The rains continued to be well below average for this time of year, fortunately the Triangle is much better off than most areas but some of our dams and water courses have not been replenished. The Mara River continues to very low for this time of year.
We held our Board meeting on the 17th and approved the Annual Work Plan and Budget for 2019/20.
Mr D Aruasa and Warden A Bett attended a Mara River Crossing Tourism workshop at Saiyari Camp in the Serengeti on the 19th and 20th, they were joined by the Chief Executive on the 20th. The workshop was aimed at developing a policy on how to handle up to ten crossing points along the Serengeti section of the Mara River and they invited us to share our challenges and experiences. The meeting was well attended by senior Tanzania National Parks (TANAPA) staff, some researchers and leaders in the tourism industry in Tanzania.
Mr Mark Jenkins and Ms Sarah Stoner visited the Triangle from the 26th to the 28th , Ms Stoner is an intelligence expert working with the Wildlife Justice Commission (WJC) and came to evaluate our capacity and whether we require support. We also visited the Mara Elephant Project (MEP) who have an excellent intelligence/information gathering section.
Seventeen of our rangers spent the month in Narok, preparing for the Madaraka Day (the day Kenya was granted self-rule 56 years ago) celebrations – the rangers will form part of the march-past. The President is scheduled to preside over the celebrations on the 1st June.
Wardens L Langas and A Bett have started their respective courses, as has Ms Maureen Jepgoskei.
Our staff held two Annual General Meetings for the savings co-operative (KENTOURS) and for the Pension Scheme (Madison).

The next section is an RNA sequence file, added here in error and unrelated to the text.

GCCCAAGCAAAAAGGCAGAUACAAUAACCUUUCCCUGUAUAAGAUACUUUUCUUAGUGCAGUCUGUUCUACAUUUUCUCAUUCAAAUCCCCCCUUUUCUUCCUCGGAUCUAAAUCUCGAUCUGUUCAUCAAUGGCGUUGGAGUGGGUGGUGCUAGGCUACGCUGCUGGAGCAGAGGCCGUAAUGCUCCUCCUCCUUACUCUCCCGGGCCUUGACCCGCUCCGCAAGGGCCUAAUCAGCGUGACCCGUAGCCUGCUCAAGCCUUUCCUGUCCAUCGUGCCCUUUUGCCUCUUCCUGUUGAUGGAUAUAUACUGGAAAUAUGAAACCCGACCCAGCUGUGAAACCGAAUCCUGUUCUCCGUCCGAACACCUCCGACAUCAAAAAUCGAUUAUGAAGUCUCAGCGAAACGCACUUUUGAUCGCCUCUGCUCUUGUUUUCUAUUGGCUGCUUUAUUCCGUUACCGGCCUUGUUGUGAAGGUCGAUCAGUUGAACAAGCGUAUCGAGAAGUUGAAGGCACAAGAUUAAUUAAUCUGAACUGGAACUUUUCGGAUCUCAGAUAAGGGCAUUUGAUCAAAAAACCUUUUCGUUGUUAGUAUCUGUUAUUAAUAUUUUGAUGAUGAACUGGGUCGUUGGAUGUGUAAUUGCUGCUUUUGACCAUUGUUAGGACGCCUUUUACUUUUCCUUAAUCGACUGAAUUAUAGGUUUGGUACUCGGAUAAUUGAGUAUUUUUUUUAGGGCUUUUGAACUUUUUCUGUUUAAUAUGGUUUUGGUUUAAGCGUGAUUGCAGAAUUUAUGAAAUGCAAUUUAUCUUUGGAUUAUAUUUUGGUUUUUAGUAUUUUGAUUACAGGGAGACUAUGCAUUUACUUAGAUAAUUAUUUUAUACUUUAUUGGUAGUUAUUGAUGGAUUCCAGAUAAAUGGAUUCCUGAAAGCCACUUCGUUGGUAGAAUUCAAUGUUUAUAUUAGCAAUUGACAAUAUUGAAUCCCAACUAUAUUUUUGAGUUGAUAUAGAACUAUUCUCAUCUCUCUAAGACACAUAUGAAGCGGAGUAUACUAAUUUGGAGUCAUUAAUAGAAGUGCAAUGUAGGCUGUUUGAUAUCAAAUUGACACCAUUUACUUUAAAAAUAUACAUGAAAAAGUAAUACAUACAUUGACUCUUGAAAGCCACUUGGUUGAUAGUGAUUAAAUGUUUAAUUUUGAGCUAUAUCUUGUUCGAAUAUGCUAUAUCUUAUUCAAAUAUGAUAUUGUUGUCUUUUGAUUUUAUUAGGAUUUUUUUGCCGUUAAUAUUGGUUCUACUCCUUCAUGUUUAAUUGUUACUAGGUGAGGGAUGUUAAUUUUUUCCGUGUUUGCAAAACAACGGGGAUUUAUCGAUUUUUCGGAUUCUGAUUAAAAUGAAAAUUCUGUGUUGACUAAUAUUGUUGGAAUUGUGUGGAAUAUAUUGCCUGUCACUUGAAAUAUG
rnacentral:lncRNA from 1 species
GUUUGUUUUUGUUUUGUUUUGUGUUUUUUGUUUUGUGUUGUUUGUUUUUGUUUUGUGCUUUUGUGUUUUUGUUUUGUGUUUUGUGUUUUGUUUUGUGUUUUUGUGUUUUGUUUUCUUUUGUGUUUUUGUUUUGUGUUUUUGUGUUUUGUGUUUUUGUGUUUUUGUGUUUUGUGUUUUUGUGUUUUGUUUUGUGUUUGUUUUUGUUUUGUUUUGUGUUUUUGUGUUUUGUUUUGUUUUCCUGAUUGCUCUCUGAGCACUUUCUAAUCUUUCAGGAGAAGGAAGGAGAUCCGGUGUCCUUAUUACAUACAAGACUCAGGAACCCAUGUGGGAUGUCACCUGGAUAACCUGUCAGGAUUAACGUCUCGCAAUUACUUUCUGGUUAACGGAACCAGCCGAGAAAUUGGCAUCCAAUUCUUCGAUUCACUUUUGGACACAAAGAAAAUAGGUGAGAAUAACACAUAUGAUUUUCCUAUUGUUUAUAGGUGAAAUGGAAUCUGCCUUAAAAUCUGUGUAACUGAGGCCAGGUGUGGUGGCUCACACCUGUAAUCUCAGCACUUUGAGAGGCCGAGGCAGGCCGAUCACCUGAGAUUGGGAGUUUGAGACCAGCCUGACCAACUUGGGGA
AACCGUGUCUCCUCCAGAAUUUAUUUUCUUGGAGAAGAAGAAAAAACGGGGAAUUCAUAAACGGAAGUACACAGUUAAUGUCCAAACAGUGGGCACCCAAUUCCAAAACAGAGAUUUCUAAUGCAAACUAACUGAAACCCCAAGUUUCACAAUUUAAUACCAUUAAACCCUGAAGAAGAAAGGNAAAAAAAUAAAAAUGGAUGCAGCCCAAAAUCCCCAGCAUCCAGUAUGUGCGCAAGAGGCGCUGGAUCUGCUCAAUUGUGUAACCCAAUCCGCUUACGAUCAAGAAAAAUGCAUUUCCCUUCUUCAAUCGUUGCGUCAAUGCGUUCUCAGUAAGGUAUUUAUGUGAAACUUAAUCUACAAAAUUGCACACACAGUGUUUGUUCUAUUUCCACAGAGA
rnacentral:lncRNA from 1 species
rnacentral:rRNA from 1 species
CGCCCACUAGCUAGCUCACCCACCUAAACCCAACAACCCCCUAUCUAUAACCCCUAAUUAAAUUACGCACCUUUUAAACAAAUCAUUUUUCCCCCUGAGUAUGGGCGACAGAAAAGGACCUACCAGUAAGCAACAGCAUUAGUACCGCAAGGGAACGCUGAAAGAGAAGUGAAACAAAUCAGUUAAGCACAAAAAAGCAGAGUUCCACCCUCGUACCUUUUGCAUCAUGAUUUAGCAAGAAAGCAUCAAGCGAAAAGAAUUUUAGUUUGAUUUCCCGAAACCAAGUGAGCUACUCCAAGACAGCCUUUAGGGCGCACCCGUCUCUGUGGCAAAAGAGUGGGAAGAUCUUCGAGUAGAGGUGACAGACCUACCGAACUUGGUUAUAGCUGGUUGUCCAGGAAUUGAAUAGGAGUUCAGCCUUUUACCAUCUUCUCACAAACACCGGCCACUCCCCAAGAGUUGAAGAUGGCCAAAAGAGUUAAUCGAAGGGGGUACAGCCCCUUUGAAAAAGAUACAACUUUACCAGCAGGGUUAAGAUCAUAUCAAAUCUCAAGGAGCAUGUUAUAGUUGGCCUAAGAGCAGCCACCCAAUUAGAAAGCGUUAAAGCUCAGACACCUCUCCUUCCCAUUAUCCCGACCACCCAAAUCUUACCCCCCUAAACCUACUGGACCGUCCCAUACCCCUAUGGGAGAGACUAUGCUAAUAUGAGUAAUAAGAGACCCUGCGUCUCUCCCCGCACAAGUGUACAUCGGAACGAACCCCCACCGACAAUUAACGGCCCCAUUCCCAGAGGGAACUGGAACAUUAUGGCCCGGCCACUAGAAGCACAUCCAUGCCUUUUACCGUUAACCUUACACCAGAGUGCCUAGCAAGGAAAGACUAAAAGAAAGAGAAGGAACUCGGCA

Two of our staff attended a two day workshop on dog training and handling in Nairobi that brought together dog handlers from Southern and Eastern Africa.
Ranger J Nasiti’s brother was murdered on the 14th, the culprits have not been found. Our deep sympathy to Nasiti and his family.
The Chief Executive’s cook died from a sudden heart attack at 2.10 pm on the 31st. She had worked for me for 28 years.
Another interesting paper was produced in April, this time on Human-wildlife conflict.
Human-wildlife conflicts and their correlates in Narok County, Kenya. Mukeka J M, Ogutu J O, Kanga E, Røskaft . Global Ecology and Conservation (April 2019)
The biggest driver for Human-wildlife conflict in Narok County has been the tenfold increase in the human population since the early sixties. This rate of increase is unsustainable and has led to the loss of valuable rangeland and forest in favour of agriculture and settlement. The consequences of this are extremely worrying; we have already seen the catastrophic decline in wildlife populations, the Mara River reaching the lowest levels in recorded history; and equally worrying an increase of average temperatures of over 2oC over the past forty years. This has led to dryer conditions and more unreliable rainfall.
Six species plus non-human primates contributed 90% of all conflict in the past 17 years; totalling 13,848 recorded cases. Specifically, elephant (46.2%), buffalo (10.6%) Burchell's zebra (7.6%), leopard (7.3%), spotted hyena (5.8%) and lion (3.3%), collectively contributed 80.8%, whereas non-human primates contributed 11.7% of all the conflicts. The three most common conflict types were crop raiding (50.0%), attacks on humans (27.3%) and livestock depredation (17.6%). Crop raiding was most acute where cereals (wheat and maize) are grown on a large scale. Carnivores were more likely to attack livestock species with body sizes comparable to their own. Thus, the leopard (44.0%, 3,368 animals) and spotted hyena (37.9%, 2,903) killed most sheep and goats whereas the lion were responsible for most of the cattle predation (63.1%, 531 cattle) and spotted hyenas (14.5%, 122 cattle).
These figures for predation are probably low, the Conservancy alone (With considerable support from the Angama Foundation) pays out in excess of Ksh 2 million (US$ 20,000) each year in livestock compensation.